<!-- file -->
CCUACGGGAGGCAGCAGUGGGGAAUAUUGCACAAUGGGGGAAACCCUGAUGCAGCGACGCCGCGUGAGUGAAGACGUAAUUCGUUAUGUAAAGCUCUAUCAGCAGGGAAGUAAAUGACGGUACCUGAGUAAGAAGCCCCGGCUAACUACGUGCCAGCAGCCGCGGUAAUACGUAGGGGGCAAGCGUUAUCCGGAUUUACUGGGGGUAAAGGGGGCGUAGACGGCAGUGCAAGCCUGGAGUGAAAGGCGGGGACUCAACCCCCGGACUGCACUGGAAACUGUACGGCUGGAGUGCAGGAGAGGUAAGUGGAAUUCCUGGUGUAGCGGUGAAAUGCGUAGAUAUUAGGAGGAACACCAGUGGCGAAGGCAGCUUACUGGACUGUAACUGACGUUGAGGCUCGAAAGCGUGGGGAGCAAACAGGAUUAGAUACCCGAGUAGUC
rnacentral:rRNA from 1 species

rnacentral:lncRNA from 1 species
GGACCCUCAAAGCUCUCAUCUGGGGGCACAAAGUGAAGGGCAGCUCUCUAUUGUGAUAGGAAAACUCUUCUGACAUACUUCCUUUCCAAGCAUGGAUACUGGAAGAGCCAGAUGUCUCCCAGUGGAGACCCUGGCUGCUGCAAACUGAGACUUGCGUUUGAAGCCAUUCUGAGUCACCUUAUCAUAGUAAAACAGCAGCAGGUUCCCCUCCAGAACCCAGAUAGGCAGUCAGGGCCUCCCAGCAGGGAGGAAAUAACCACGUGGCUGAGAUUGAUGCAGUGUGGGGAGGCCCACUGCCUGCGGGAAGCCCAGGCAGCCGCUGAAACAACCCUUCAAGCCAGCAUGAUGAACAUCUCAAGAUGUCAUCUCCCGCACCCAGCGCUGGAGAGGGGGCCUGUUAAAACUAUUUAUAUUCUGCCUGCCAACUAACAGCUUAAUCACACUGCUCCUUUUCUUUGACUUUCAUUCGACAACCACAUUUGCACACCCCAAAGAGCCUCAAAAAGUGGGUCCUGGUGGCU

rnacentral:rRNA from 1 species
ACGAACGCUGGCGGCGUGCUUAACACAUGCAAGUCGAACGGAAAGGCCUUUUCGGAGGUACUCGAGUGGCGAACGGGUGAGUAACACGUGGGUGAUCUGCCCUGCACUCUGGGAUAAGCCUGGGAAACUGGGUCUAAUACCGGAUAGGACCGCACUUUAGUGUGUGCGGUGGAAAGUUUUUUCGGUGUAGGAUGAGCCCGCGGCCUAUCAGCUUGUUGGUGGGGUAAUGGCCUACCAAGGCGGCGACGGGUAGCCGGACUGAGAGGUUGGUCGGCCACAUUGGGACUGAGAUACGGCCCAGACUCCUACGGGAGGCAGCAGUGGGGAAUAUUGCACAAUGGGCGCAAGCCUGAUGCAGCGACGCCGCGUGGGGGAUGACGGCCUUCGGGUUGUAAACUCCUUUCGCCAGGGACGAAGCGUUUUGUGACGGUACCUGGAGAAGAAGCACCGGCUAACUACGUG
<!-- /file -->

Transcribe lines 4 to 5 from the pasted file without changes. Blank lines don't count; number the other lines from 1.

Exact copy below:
GGACCCUCAAAGCUCUCAUCUGGGGGCACAAAGUGAAGGGCAGCUCUCUAUUGUGAUAGGAAAACUCUUCUGACAUACUUCCUUUCCAAGCAUGGAUACUGGAAGAGCCAGAUGUCUCCCAGUGGAGACCCUGGCUGCUGCAAACUGAGACUUGCGUUUGAAGCCAUUCUGAGUCACCUUAUCAUAGUAAAACAGCAGCAGGUUCCCCUCCAGAACCCAGAUAGGCAGUCAGGGCCUCCCAGCAGGGAGGAAAUAACCACGUGGCUGAGAUUGAUGCAGUGUGGGGAGGCCCACUGCCUGCGGGAAGCCCAGGCAGCCGCUGAAACAACCCUUCAAGCCAGCAUGAUGAACAUCUCAAGAUGUCAUCUCCCGCACCCAGCGCUGGAGAGGGGGCCUGUUAAAACUAUUUAUAUUCUGCCUGCCAACUAACAGCUUAAUCACACUGCUCCUUUUCUUUGACUUUCAUUCGACAACCACAUUUGCACACCCCAAAGAGCCUCAAAAAGUGGGUCCUGGUGGCU

rnacentral:rRNA from 1 species